Wednesday, 28 March 2018
Questions without Notice
My question is to the Prime Minister. I refer to my previous question and the Prime Minister's public failure in question time to commit to taking his $65 billion corporate tax cut to the next election. We welcome an election on this issue. So I ask the Prime Minister again: will the Prime Minister commit to taking his corporate tax giveaway to the next election—yes or no?
Our commitment is to get the tax enterprise plan passed in this parliament. And I can assure the honourable member that we are committed to it. We will be committed to it today and we'll be committed to it at the next election, and we welcome a contest with the Leader of the Opposition on tax. We welcome it. We welcome a contest on jobs, because that's what it's about. It's about creating jobs. It's about creating the incentives for jobs. We know that every statement the Leader of the Opposition has made about company tax will be used against him, and Australians will see what a turncoat he is!
This is a man who stood up here and went on about company tax and creating more jobs. His partner there, the member for Lilley, stood up and said it would add hundreds of millions of dollars to government revenues, a big productivity dividend. He said it would put $450 extra into the pockets of Australian workers. That was only a one per cent cut in company tax. That's what the member for Lilley said. He said it standing here, just as the Leader of the Opposition said it standing here, just as Julia Gillard did and just as Paul Keating did.
There was a time when the Labor Party recognised that lower business taxes result in more business. There was a time when they recognised that having an uncompetitively high company tax rate holds back Australian businesses. The member for Fenner made exactly that point. The member for McMahon wrote a book about it. And now they are all in denial. It is like some sort of Soviet-era blanking-out of the past. That's what they want to do. They want to pretend none of those statements were made. Well, they were. Australians remember them and they understand that. They understand not only the economics and they understand not only the need to give a business the opportunity to invest and employ: they understand that it means the Leader of the Opposition cannot be trusted.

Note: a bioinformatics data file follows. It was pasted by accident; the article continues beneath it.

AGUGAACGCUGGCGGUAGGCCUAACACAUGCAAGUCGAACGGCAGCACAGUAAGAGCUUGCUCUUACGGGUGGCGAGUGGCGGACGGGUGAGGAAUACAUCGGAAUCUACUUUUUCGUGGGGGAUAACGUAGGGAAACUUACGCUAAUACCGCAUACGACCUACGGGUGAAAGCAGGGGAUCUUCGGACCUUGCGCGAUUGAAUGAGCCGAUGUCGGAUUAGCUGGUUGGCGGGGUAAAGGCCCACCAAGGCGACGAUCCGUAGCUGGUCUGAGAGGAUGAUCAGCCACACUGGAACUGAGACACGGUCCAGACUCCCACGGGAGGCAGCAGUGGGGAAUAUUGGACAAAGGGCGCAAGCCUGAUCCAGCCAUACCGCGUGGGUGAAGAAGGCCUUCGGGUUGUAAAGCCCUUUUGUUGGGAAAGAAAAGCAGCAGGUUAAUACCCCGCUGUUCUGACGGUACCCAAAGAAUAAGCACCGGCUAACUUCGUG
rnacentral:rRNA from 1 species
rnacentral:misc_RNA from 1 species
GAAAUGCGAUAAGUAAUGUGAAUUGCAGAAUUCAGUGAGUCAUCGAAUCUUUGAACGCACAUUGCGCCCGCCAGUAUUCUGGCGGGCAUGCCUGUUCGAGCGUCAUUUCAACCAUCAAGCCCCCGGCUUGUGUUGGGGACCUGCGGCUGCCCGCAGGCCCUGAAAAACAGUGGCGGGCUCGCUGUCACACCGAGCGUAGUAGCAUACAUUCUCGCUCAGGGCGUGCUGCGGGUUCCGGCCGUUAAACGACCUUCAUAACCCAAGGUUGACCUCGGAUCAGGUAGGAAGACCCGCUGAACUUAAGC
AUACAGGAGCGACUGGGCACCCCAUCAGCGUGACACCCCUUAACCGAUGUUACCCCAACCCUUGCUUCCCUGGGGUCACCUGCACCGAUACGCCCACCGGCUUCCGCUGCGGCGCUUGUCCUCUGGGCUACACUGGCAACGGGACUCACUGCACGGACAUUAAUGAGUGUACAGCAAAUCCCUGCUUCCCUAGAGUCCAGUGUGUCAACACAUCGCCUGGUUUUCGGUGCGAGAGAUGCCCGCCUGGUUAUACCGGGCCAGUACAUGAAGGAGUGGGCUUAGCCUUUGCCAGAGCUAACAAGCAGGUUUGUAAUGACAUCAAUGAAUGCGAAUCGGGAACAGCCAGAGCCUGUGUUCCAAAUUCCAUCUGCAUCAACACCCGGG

He has said one thing in government and now he says the exact opposite in opposition. He said lower company taxes encourage investment and higher wages in government, and now he says it's just a giveaway and we'll reduce the money available for hospitals and schools. What nonsense! Higher productivity, higher investment and more wages increases government revenues, just as the member for Lilley said in his budget paper in 2010. He did. He can't deny it. We've got it. We remember it all so well.